lightning rayo, relámpago relampago environment Siwa/ri- “to flash of lightning” inheritance Jane Hill
live/be alive vivir viver, morar body 7a:w- (singular subject) unknown Jane Hill
liver hígado figado body no:ma (possessed only) inheritance Jane Hill
long largo comprido, longo quality tavu-lvu-sh (sg.), ta:talvi-sh (pl.) inheritance Jane Hill
louse piollo, piojo piolho fauna 7ula:-t (head) inheritance Jane Hill
lung pulmón pulmão body sava/-sva-sh inheritance Jane Hill
man/male hombre homem human ya7a/-sh unique Jane Hill
meat/flesh carne carne fauna wa:7i-sh inheritance Jane Hill
moon luna lua environment moy-la inheritance Jane Hill
mother madre, mamá mãe kinship yo7 (possessed only) inheritance Jane Hill
mouth boca boca body tama/-t inheritance Jane Hill
name nombre nome human tung-la inheritance Jane Hill
nape base del cuello, nuca nuca body qala/-t inheritance Elliott Jane Hill
near/close cerca de perto quality neshkin (like kin?) unknown Jane Hill
neck cuello pescoço body qela/-t inheritance Jane Hill
new nuevo novo quality 7i:pi-t loan Jane Hill
night noche noite time tu:ku-mi-t inheritance Jane Hill
no/not no não grammar qay inheritance Jane Hill
nose nariz nariz body mu:vi-l inheritance Jane Hill
old viejo velho quality 7anxa inheritance Jane Hill
one uno um number supu/l inheritance Jane Hill
open/uncover abrir abrir other heda~i- unknown Jane Hill
other otro outro grammar 7awo: inheritance Jane Hill
pain/painful/sick dolor, doloroso, enfermo dor, doloroso, doente body tiwa “to hurt, ache unknown Elliott Jane Hill
person/human being persona pessoa human 7a-ta:x inheritance Jane Hill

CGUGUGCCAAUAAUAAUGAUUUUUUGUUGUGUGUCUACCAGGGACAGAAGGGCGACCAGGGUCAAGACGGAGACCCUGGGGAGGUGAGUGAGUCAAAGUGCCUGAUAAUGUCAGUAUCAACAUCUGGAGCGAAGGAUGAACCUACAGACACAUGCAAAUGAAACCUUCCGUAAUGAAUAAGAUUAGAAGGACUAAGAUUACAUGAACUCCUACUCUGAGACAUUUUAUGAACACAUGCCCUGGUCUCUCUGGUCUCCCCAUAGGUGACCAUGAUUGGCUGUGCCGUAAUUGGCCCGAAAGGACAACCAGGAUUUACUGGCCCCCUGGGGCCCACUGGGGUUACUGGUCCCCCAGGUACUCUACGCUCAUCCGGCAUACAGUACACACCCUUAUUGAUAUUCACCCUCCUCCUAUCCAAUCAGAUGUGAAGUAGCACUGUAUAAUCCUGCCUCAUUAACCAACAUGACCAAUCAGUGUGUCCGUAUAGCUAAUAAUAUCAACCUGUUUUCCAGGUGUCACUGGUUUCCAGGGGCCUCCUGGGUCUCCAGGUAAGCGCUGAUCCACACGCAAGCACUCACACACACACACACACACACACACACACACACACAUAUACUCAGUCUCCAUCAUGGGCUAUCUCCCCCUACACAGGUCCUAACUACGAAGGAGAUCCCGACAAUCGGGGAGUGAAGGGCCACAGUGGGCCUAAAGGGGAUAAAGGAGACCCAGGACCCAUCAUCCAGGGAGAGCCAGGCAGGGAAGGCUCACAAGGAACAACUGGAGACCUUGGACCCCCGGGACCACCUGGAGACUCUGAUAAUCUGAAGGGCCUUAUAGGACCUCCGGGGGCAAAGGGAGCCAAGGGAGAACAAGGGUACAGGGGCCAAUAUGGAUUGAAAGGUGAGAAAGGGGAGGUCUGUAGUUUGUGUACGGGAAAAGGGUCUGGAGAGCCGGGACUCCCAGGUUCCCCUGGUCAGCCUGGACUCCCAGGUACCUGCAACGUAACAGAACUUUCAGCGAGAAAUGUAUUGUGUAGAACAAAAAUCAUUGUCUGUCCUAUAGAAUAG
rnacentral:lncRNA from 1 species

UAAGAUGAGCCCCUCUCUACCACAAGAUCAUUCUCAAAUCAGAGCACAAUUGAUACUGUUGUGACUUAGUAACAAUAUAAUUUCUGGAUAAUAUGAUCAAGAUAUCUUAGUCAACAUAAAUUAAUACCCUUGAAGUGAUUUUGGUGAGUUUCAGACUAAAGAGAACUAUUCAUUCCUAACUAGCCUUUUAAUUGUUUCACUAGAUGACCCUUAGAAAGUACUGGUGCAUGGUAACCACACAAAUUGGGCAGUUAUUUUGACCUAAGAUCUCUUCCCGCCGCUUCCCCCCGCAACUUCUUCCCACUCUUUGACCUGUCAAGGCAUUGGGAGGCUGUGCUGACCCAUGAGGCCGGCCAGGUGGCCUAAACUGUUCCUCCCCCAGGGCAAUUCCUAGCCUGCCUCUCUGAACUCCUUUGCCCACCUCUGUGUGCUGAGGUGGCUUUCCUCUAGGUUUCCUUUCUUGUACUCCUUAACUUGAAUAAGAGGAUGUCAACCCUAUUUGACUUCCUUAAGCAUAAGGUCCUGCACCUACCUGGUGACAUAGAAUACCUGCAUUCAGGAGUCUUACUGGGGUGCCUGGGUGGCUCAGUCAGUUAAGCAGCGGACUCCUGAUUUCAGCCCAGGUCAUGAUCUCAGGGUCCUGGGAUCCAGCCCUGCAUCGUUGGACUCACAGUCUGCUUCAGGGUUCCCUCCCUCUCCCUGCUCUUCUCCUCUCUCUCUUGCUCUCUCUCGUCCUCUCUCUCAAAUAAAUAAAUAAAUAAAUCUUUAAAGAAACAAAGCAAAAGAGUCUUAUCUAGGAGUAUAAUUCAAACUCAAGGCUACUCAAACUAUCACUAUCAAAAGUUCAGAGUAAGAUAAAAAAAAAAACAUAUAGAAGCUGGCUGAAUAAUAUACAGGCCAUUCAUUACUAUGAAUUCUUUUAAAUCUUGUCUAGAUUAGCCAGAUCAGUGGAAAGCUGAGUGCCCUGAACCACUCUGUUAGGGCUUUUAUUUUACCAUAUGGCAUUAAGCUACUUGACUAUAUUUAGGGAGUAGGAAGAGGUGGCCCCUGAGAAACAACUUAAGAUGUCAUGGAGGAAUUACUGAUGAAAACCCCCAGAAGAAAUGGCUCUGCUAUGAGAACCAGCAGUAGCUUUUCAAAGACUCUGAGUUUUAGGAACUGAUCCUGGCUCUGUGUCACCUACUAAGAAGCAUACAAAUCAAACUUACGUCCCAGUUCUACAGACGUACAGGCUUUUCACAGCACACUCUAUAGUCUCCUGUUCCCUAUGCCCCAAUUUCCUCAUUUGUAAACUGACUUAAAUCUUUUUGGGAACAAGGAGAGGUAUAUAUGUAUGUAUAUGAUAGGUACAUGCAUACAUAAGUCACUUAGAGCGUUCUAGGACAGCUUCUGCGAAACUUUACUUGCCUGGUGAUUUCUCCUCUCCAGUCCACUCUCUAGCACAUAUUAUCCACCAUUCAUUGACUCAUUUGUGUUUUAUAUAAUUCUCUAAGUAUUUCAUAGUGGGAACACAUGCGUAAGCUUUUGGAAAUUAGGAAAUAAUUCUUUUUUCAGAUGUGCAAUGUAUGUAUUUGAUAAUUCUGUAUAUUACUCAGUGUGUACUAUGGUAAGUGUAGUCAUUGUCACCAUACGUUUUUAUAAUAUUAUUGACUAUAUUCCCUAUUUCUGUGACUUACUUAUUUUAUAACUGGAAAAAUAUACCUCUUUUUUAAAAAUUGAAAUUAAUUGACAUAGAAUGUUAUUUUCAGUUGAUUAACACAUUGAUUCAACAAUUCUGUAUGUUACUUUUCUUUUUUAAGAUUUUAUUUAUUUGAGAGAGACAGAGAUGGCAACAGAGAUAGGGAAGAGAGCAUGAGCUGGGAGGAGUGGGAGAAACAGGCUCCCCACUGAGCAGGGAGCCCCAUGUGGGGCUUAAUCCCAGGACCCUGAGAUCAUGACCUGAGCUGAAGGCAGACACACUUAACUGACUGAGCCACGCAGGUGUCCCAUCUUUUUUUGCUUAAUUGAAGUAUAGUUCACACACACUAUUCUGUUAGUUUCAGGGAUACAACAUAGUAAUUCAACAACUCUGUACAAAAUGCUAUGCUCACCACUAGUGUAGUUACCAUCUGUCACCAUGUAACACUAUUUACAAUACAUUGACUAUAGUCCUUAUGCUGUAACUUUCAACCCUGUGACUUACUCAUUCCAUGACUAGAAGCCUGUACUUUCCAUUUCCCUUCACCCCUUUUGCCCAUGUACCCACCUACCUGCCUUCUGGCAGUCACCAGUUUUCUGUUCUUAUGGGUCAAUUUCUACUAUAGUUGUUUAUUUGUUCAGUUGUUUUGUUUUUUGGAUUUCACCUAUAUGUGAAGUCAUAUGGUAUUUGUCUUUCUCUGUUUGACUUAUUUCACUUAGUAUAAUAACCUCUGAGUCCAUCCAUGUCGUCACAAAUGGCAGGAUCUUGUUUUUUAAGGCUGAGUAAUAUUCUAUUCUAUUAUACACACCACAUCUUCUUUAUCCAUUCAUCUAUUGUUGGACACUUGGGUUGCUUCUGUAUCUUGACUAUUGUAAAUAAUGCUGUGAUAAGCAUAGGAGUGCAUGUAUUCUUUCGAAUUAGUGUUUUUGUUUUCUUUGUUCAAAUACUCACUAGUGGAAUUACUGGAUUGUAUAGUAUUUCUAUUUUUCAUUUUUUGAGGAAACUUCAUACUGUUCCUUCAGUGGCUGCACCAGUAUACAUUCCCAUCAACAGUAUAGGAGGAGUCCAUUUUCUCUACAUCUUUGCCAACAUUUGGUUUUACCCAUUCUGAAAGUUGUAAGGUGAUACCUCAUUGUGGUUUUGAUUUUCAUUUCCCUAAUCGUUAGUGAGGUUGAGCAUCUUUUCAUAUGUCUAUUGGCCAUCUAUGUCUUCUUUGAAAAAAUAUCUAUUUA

pound/beat machacar, golpear bater impact paqa~i- inheritance Jane Hill
rain lluvia chuva environment xila~i “to rain” unknown Jane Hill
red rojo vermelho colour qwaya/qwya-sh, 7ava- “to be red” loan into protolanguage Jane Hill
right/right hand derecha direita location/body pli (possessed only, “right hand”) inheritance Jane Hill
road/path camino caminho manufacture pe-t inheritance Jane Hill
root raíz raiz flora -towla inheritance Elliott Jane Hill
rotten podrido podre quality pisa/7a- “to rot” inheritance Jane Hill
sand arena areia environment 7exva-l inheritance Jane Hill
say decir dizer mental ya- inheritance Jane Hill
scratch rascar rasgar impact $okapa~i inheritance Elliott Jane Hill
see ver ver mental tow- inheritance Jane Hill
sharp afilado, filudo, filoso afiado quality Sowa~i “to be sharp” inheritance Jane Hill
shoot tirar, disparar, balear atirar impact mu7a/n- inheritance Jane Hill
short corto curto quality kapa/-kpa-ma-l inheritance Jane Hill
shoulder hombro ombro body So:ka (possessed only) inheritance Jane Hill
shy/ashamed tímido, vergonzoso timido, com vergonha mental hamo:-ya- (to be shy) inheritance Jane Hill
sit sentar(se) sentar state tawa- (singular subject) inheritance Jane Hill
skin piel pele body ta:va-sh unknown Jane Hill
sky cielo céu environment tu:pa-sh inheritance Jane Hill